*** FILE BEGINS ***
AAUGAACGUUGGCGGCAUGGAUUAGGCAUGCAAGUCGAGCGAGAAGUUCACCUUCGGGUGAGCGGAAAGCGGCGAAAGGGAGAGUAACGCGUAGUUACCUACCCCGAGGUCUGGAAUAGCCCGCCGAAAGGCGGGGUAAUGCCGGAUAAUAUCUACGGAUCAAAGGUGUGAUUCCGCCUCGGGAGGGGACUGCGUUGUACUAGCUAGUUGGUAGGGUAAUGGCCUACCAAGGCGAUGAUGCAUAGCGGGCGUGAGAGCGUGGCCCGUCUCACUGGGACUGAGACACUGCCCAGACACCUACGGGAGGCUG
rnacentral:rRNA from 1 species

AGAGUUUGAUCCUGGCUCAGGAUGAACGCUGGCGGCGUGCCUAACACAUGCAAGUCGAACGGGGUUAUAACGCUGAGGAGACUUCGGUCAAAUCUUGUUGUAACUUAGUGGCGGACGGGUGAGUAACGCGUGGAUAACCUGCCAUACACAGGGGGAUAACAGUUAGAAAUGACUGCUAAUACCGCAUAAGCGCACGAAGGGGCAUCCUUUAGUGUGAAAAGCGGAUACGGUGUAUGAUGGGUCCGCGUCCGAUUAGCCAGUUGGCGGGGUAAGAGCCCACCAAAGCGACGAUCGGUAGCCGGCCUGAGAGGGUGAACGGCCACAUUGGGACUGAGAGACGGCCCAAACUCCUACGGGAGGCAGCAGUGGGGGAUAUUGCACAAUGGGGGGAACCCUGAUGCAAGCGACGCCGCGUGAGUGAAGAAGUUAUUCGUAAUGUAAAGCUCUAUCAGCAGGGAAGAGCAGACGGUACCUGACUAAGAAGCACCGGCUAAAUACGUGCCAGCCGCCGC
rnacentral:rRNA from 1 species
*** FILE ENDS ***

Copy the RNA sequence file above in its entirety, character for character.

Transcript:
AAUGAACGUUGGCGGCAUGGAUUAGGCAUGCAAGUCGAGCGAGAAGUUCACCUUCGGGUGAGCGGAAAGCGGCGAAAGGGAGAGUAACGCGUAGUUACCUACCCCGAGGUCUGGAAUAGCCCGCCGAAAGGCGGGGUAAUGCCGGAUAAUAUCUACGGAUCAAAGGUGUGAUUCCGCCUCGGGAGGGGACUGCGUUGUACUAGCUAGUUGGUAGGGUAAUGGCCUACCAAGGCGAUGAUGCAUAGCGGGCGUGAGAGCGUGGCCCGUCUCACUGGGACUGAGACACUGCCCAGACACCUACGGGAGGCUG
rnacentral:rRNA from 1 species

AGAGUUUGAUCCUGGCUCAGGAUGAACGCUGGCGGCGUGCCUAACACAUGCAAGUCGAACGGGGUUAUAACGCUGAGGAGACUUCGGUCAAAUCUUGUUGUAACUUAGUGGCGGACGGGUGAGUAACGCGUGGAUAACCUGCCAUACACAGGGGGAUAACAGUUAGAAAUGACUGCUAAUACCGCAUAAGCGCACGAAGGGGCAUCCUUUAGUGUGAAAAGCGGAUACGGUGUAUGAUGGGUCCGCGUCCGAUUAGCCAGUUGGCGGGGUAAGAGCCCACCAAAGCGACGAUCGGUAGCCGGCCUGAGAGGGUGAACGGCCACAUUGGGACUGAGAGACGGCCCAAACUCCUACGGGAGGCAGCAGUGGGGGAUAUUGCACAAUGGGGGGAACCCUGAUGCAAGCGACGCCGCGUGAGUGAAGAAGUUAUUCGUAAUGUAAAGCUCUAUCAGCAGGGAAGAGCAGACGGUACCUGACUAAGAAGCACCGGCUAAAUACGUGCCAGCCGCCGC
rnacentral:rRNA from 1 species